I decide to go on a writer’s retreat, just me and a hotel room for a week where I will write great literature, accomplish pulling together a book or two, perhaps also practice a little guitar and meditation on the side. Writing always gives me joy. I love the surprise at what unfolds before me on the page or screen, and I hardly ever have trouble doing it if I have a snatch of quiet and privacy. However, in the luxury of this hotel room and time to write, just as the trees are greening out and I can see a rogue tulip by the fence outside my window, what happens? I refuse to write. I can’t think of anything I want to do less. I rebel against myself and there it is: no writing.
I have developed the perfect recipe for writer’s block. What do I learn? Something about the rightness, for me, of writing squeezed into the day, writing as a treat, writing as something I get up at four in the morning to do so I can still have time to do what I have to do. I learn about the importance of the ritual of writing as cheating on all the other things, writing on the side, writing around the corners of the day, in the stairwells. It turns out that writing works best for me in secret moments. Bring it into the open, clear out the details of every day life for it to have all the space it needs and it disappears so quickly that I’m astonished to find myself lying on a hotel bed in the middle of the day, depressed, and eating chocolate. Not writing.
Of course that’s not the whole story. In the first few days I kept a journal, planning to write about the amazing success of this retreat, and savoring the details, like how ingenious I felt when I solved the problem of a lack of a bookcase in the hotel room by unfolding the ironing board (why do hotels provide ironing boards and not bookcases?) and jamming it against a corner of the room to create a shelf on which to stack my books and papers. To my surprise, when I’m home and recovered enough from the chocolate overdose and depression to take an inventory I find that in those first few days I drafted a story, several poems and a long essay. I also spent time in the local academic library reading literary magazines, and in the process making a long list of possible places to submit essays. And, until it turned sour, I thoroughly enjoyed the luxury of full time writing, of turning my attention to one writing task, then another, moving easily between drafting new material and revising uninterrupted by the need to sweep the floor, cook or talk to anyone. Even the dog.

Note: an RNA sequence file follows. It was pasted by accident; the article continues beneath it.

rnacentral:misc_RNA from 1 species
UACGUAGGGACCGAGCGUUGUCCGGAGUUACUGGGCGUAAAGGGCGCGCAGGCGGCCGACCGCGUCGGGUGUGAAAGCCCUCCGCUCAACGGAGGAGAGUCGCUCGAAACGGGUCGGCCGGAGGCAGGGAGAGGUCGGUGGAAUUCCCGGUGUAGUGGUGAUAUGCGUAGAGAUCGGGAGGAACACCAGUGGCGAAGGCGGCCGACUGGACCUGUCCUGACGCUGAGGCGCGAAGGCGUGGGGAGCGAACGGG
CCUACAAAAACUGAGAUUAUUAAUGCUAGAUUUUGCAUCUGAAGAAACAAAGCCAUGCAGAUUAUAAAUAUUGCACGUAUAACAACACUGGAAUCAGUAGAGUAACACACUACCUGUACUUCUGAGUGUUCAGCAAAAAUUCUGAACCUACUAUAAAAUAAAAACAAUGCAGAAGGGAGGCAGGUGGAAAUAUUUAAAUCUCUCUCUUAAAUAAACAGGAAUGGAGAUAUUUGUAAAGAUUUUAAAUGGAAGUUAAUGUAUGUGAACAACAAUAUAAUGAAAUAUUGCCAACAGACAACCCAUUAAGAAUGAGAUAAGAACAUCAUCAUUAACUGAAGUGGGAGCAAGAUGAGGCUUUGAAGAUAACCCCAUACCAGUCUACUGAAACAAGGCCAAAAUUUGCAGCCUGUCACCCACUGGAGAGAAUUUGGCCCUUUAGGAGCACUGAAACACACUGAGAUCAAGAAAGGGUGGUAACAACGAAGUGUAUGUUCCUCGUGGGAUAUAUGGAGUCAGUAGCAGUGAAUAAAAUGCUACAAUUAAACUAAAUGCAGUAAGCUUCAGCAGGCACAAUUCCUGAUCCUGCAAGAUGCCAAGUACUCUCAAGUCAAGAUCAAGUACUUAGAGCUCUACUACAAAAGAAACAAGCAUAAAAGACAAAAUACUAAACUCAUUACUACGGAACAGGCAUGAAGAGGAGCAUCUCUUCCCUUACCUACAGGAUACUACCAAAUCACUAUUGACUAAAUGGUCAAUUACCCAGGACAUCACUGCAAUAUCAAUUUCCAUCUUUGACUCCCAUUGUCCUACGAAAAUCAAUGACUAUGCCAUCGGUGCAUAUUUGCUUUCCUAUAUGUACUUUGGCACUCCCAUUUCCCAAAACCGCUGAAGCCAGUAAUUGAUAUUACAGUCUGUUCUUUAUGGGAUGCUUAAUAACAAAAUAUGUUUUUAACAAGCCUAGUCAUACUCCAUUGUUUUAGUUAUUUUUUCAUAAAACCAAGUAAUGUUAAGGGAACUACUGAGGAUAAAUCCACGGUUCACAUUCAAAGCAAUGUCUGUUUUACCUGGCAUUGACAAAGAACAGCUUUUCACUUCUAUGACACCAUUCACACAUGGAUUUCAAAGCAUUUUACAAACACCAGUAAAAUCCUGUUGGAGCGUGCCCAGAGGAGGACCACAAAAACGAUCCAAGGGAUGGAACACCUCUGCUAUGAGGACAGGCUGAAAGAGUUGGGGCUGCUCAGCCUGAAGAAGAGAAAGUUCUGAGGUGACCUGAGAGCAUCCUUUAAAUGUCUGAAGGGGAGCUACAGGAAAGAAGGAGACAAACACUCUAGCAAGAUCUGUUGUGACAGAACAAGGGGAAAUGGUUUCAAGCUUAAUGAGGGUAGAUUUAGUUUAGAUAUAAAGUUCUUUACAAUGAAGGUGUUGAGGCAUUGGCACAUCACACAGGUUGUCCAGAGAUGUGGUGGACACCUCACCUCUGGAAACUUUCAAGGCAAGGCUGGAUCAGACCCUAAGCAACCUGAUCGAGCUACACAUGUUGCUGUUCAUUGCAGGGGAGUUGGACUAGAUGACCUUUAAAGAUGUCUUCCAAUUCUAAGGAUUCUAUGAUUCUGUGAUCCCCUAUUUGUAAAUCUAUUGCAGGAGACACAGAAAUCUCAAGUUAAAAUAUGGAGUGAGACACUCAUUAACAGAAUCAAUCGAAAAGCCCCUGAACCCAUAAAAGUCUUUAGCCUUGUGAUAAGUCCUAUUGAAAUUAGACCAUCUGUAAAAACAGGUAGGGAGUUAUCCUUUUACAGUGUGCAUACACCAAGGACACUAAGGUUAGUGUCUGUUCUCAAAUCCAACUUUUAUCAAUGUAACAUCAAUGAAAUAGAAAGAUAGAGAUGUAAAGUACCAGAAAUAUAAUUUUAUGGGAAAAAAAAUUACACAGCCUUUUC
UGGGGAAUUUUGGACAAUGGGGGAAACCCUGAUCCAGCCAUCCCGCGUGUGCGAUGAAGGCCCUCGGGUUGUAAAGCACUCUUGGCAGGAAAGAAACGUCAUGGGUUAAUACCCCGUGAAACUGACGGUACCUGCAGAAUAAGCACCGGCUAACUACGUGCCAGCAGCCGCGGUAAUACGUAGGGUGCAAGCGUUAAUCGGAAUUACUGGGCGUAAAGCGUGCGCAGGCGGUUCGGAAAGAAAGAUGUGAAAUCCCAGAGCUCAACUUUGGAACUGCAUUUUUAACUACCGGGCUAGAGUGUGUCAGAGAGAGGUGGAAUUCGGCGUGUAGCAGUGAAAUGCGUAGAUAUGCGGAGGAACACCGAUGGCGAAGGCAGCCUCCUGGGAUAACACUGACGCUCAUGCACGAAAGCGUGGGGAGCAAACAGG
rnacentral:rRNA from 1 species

But, as I say, the writing got harder and harder to sustain until I gave up. Part of the reason is something I tend to ignore, which is that I need other people. I’m always so happy to have time to myself that I forget that talking to people keeps me sane. I’ve always avoided artists’ residencies, assuming that in uncomfortable ways it would duplicate the challenges of boarding school, with those charged questions of who would sit next to me in the dining hall, that kind of thing. But it occurs to me, far too belatedly, that I’m no longer fourteen, that having other artists to talk to would probably have interrupted the downward emotional slide and my very own fierce rebellion against writing. I might even have been inspired, or at least grounded, by conversations, by human contact. So my plan going forward? Continue to create my own retreats, but not for longer than three days. And begin applying to artists’ residencies: a week with other artists could be a gift not a nightmare. It’s worth a try.
Nicola Morris is both an alumna and on the faculty of Goddard College.